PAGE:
Too, there must be a recognized framework for the airing-out of differing views and opinions and even for dissent in the sacred ranks. Individual thought and opinions must never be subjected to an archaic concept of loyalty.
Additionally, there must be an environment that fosters and demands excellence in thought, policy formation and public participation.
There is no denying the fact that governance as a concept invokes the notions and emotions of transparency, accountability, competence and equitable participation. By the latter, I mean that there must be carved out in the domain of public opinion rooms of thought for all socio-economic classes, which are masked by gender and age neutrality and even perhaps political neutrality.
In our current system, the thought of political neutrality is barren as no leader will think that he can manage his political survivability by encroaching on the precincts of a competing political ideology and or membership.
Governance and decision making
There must also be a well-established and recognized policy of restraint in governance. Just as the notion of good governance demands an appreciation for judicial independence, the restraints that operate must be of a similar nature that reject all forms and fashion of corruption, nepotism, abuse of power and harmful incompetence.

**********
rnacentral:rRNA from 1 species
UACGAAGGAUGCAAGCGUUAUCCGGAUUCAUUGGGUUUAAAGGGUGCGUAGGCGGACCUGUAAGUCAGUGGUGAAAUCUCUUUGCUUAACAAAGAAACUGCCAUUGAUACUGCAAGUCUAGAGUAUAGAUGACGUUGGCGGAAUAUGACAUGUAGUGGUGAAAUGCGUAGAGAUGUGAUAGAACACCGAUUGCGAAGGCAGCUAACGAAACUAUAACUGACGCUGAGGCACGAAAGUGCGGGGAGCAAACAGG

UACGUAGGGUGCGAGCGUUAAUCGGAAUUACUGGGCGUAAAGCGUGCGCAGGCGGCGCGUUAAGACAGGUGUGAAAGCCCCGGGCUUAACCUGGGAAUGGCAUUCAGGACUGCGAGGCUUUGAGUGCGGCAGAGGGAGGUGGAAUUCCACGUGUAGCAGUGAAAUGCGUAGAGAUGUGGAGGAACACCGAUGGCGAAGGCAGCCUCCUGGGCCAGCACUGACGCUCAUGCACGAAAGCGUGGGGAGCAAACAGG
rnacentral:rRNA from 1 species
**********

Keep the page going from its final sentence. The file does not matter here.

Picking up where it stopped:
The restraints should be worn as a breastplate of the citizenry to demand and voice opposition to the prevailing threat that exists, which often leads to an unequal society.
This brings me to ask two questions: What is the state of Bahamian governance? Do we have a developing set of rules for decision making?
To answer the first question, without any political naivete or impartiality, requires an out-of-body experience for the majority of Bahamians, because we typically wrap our answers into a sense that speaks to the failures or successes of the party that we support.